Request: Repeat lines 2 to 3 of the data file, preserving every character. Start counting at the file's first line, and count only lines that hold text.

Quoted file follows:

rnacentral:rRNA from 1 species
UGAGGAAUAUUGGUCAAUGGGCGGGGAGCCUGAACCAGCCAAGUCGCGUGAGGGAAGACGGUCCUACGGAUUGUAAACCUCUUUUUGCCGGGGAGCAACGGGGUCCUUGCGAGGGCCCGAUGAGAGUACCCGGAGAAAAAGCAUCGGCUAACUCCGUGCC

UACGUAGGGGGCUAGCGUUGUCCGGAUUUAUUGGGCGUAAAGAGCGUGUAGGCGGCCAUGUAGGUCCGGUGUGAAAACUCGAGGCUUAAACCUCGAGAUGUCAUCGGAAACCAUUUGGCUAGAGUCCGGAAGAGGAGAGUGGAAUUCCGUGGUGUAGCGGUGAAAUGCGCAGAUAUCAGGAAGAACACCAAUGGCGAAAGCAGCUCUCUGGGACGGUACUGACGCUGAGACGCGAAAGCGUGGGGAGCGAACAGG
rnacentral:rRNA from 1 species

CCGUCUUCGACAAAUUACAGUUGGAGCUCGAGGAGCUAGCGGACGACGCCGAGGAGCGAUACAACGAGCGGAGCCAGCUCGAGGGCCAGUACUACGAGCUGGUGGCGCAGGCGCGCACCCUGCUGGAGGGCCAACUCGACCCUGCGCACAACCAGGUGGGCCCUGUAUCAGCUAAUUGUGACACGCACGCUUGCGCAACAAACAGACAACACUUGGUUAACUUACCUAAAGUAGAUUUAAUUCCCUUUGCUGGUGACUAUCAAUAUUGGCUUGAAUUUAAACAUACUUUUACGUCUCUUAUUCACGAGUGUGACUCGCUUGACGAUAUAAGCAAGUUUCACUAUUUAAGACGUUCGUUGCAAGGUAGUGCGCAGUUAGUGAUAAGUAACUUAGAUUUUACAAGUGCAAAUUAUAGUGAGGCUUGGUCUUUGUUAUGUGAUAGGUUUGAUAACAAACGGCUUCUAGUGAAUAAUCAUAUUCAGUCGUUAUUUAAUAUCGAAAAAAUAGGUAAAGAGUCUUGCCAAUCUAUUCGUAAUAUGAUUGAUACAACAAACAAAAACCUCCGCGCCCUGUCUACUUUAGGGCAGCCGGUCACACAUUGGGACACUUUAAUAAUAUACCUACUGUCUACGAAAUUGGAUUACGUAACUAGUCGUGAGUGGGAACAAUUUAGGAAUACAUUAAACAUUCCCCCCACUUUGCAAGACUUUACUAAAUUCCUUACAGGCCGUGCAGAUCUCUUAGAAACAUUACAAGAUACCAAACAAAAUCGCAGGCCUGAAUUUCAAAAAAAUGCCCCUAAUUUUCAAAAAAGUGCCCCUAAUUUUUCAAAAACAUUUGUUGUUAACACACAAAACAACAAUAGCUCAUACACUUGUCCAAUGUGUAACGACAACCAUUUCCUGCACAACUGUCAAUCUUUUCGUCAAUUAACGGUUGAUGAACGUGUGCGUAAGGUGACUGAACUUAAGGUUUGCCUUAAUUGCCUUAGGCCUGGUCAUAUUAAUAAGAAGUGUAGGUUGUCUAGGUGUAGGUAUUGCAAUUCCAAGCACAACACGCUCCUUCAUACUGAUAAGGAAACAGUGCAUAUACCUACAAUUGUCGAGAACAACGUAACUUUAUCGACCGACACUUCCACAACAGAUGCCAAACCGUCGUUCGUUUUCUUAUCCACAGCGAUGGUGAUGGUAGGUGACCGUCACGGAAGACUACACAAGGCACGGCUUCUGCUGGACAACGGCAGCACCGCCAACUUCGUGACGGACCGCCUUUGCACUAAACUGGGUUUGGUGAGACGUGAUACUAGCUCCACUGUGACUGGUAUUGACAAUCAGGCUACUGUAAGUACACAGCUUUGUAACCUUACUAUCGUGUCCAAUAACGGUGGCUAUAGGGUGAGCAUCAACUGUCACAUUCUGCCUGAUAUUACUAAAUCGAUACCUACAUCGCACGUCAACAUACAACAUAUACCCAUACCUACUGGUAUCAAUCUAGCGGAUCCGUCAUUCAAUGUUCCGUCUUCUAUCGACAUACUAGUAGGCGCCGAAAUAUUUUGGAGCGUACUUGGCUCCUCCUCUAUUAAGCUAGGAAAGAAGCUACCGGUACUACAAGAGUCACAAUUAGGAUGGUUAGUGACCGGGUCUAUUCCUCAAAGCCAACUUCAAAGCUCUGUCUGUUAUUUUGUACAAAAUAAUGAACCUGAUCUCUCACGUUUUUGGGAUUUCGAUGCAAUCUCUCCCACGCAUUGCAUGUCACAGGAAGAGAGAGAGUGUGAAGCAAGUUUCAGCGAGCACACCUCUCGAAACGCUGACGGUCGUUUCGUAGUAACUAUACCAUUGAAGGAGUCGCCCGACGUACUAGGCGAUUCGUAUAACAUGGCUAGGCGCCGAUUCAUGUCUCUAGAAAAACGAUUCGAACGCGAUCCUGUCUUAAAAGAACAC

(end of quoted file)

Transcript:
UGAGGAAUAUUGGUCAAUGGGCGGGGAGCCUGAACCAGCCAAGUCGCGUGAGGGAAGACGGUCCUACGGAUUGUAAACCUCUUUUUGCCGGGGAGCAACGGGGUCCUUGCGAGGGCCCGAUGAGAGUACCCGGAGAAAAAGCAUCGGCUAACUCCGUGCC

UACGUAGGGGGCUAGCGUUGUCCGGAUUUAUUGGGCGUAAAGAGCGUGUAGGCGGCCAUGUAGGUCCGGUGUGAAAACUCGAGGCUUAAACCUCGAGAUGUCAUCGGAAACCAUUUGGCUAGAGUCCGGAAGAGGAGAGUGGAAUUCCGUGGUGUAGCGGUGAAAUGCGCAGAUAUCAGGAAGAACACCAAUGGCGAAAGCAGCUCUCUGGGACGGUACUGACGCUGAGACGCGAAAGCGUGGGGAGCGAACAGG